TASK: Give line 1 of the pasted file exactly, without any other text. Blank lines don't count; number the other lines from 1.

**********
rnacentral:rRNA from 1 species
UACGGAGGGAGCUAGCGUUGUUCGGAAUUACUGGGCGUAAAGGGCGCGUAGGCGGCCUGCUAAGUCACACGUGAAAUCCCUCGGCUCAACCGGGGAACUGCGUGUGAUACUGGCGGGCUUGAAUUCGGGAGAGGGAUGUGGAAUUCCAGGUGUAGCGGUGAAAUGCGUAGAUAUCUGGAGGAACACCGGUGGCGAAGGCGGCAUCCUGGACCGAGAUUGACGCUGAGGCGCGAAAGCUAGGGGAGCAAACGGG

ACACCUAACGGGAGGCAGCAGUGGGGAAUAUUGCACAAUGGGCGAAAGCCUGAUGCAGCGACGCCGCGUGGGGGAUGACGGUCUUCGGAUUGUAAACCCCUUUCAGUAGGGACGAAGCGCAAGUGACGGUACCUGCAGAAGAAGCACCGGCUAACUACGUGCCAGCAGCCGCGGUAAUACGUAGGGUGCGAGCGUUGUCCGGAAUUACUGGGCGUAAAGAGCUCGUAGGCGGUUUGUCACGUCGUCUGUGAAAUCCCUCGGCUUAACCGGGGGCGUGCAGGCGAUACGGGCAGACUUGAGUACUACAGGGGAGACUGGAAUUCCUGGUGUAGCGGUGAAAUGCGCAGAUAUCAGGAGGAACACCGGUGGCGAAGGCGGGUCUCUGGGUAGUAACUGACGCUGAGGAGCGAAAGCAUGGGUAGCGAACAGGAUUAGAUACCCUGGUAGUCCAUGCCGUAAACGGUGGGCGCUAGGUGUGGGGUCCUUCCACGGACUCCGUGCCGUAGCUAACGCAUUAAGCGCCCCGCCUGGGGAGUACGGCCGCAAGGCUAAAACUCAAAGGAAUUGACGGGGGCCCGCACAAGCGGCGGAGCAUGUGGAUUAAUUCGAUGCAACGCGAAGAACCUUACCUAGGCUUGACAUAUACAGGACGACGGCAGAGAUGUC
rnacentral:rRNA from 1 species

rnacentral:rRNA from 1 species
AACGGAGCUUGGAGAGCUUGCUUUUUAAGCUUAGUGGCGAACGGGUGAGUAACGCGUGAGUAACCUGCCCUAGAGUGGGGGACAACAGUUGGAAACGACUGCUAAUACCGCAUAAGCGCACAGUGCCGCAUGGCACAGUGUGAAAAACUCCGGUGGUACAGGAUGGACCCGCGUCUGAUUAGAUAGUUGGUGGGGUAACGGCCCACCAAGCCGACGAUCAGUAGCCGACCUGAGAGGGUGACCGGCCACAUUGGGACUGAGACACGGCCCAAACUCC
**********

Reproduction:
rnacentral:rRNA from 1 species